A report denounce "a culture of institutionalised racism" in the police

19/04/1999
Press release

Stephen Lawrence was a young black man who was
murdered, allegedly by five white racist youths while he
waited at a bus stop in South East London five years ago.

The police took little action and were ver y dilator y,
although Stephen’s friend and his family insisted that this
was a racist attack and that they were able to identify the
murderers.

Eventually, after some months three of the alleged
murderers were charged, but the prosecution evidence
was inadequate and badly prepared, and as a result,
the accused were acquitted. Subsequently, the Daily Mail
published a front-page article accusing these three and
two others of the murder.

Because of this attack of the presumption of innocence
there could not be a further prosecution, because it
would now be impossible for them to have a fair trial on
account of the prejudicial material that had been
published.

Meanwhile, Stephen’s parents, Neville and Doreen
Lawrence started a public campaign for the culprits to be
prosecuted and generally against racism within the police
which attracted enormous support, particularly from the
ethnic community.

Finally, in 1998 a judicial mission of enquiry was appointed
by the Home Secretary which reported in 1999 with a
report which was devastating for the police. The
Commission stated that there was a culture of
institutionalised racism in the police and that public
confidence in the police (particularly among ethnic
communities) was at an all-time low. The Metropolitan
Commissioner of Police, Sir Paul Condon, accepted that
there was an institutional problem of racism in the police
force, and that it was not (as it had previously been
maintained) a question of a few racist officers.

However,
Sir Paul Condon refused to resign despite numerous
calls for his resignation, and despite an increased number
of deaths in custody, particularly among black people.

Liberty has welcomed the publication of the report and in
particular :
- the proposals to rid the police of racism ;
- the acknowledgement that the police complaints system
needs to be changed by appointing an independent body
to investigate such complaints, so that the public are no
longer reliant on the police investigating themselves -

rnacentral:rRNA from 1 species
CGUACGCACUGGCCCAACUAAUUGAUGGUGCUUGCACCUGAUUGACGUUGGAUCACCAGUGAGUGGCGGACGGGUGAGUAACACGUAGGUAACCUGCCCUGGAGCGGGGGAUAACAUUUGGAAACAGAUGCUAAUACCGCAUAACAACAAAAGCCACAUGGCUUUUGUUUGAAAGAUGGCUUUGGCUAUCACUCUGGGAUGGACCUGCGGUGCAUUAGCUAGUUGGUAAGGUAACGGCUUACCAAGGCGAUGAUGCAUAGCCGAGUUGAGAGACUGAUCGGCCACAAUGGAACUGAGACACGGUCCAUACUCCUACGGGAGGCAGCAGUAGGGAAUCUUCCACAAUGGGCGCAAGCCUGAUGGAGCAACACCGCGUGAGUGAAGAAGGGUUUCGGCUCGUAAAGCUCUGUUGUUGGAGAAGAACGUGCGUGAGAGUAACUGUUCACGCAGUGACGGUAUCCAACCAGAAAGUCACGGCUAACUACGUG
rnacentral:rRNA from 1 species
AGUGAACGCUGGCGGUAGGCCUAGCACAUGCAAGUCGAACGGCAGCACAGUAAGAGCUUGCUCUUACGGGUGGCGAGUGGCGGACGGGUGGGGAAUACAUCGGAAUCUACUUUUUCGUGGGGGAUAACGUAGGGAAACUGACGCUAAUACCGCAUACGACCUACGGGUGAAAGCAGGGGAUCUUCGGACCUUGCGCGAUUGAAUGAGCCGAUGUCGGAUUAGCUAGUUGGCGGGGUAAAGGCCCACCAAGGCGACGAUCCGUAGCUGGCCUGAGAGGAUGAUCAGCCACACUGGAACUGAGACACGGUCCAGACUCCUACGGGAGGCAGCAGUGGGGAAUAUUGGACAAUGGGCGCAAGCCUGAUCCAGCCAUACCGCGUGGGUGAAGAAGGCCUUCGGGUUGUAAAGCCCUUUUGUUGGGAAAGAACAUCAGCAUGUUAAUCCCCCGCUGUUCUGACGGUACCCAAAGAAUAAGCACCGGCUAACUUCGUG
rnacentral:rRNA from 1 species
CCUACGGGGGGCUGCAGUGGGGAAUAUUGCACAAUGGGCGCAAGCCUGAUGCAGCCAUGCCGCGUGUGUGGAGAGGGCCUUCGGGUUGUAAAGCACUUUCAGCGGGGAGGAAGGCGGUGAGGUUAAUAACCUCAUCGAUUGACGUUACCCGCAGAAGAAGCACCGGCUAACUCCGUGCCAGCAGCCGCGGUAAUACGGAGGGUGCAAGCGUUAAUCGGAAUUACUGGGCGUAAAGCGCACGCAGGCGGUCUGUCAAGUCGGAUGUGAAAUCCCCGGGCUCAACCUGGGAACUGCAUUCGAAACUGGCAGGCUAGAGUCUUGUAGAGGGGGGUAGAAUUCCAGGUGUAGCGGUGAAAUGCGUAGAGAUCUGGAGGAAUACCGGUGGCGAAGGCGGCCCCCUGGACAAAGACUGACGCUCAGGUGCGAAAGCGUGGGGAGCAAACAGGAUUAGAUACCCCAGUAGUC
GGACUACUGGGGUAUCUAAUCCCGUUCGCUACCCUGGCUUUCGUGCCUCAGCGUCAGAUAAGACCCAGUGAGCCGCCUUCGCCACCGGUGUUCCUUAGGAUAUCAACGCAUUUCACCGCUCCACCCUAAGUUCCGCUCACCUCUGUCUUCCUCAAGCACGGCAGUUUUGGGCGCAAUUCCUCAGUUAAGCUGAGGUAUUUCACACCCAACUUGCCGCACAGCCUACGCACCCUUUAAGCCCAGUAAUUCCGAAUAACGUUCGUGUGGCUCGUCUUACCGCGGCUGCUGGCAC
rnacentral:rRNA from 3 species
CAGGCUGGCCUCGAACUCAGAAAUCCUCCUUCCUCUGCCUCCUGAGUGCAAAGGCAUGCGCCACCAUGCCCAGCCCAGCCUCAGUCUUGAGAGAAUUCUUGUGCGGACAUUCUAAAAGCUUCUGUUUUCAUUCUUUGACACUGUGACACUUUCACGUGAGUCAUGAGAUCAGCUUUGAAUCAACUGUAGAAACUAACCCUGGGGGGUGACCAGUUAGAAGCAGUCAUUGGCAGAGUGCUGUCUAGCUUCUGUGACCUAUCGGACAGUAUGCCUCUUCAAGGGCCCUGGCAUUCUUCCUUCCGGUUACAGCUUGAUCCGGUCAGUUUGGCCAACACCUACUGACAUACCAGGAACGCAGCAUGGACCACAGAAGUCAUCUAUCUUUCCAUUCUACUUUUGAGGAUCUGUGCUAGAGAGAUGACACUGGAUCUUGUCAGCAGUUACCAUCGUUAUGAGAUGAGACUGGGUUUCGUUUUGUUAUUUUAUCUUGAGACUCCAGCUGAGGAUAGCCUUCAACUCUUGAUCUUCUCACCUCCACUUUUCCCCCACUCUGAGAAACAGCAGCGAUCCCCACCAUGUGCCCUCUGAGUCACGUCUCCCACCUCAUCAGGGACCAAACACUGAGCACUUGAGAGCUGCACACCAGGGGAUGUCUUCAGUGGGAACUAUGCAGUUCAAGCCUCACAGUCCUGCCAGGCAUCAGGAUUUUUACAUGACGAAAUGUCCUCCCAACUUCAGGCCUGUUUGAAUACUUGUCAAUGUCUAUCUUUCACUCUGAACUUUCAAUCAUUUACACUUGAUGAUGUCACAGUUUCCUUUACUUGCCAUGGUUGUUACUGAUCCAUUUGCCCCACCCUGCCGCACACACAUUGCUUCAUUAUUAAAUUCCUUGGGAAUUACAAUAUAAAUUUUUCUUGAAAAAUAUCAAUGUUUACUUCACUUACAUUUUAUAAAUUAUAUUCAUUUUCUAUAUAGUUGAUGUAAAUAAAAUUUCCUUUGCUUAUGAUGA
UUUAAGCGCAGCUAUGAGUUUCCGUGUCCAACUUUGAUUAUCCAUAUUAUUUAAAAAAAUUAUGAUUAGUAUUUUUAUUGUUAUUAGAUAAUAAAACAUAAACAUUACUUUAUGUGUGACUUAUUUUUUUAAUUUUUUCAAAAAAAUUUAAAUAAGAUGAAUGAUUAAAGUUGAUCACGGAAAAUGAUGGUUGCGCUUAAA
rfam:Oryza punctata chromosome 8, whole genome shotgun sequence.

and that police reports in such investigation should
normally be disclosed ;

- that at inquests (judicial enquiries into the death of a
person), the police should disclose all documents to
relatives of the deceased - and that legal aid should be
available to the family to pay for lawyers to attend the
inquest ;
- that the proposed freedom of information legislation
should apply to the police with limited exceptions ;
- that the Race Relations Act should apply to the police.

Liberty points out that many of these issues have been
raised repeatedly by Black organisations and also by the
UN Human Rights Committee and by the Committee for
the Elimination of Racial Discrimination. The
recommendations are welcome and long overdue - and
they should be implemented immediately.

However, some recommendations raise concern about
human rights and civil liberties. For example, the
Commission proposed that in certain circumstances the
Court of Appeal should allow a second prosecution after
an acquittal, where fresh and viable evidence is presented.

Liberty points out that this is contrary to article 14 (7) of
the International Covenant on Civil and Political Rights.

This report, resulting from the public campaign by Steven
Lawrence’s parents has had a tremendous effect on
public opinion in Britain. Since its publication, the Home
Secretary Jack Straw has started a campaign against
racism in the police, and has announced a number of
concrete steps. First, he has announced an enquiry to see
whether previous potentially racist murders in recent
years have not been overlooked by the police. Secondly
that policemen, and also other civil servants, would be
liable to prosecution for racism; and police forces should
recruit more members of ethnic minorities. One can only
hope that this shock report will achieve its objective of
preventing racist behaviour in the police, so as to restore
public confidence in the police force.

Michael Ellman

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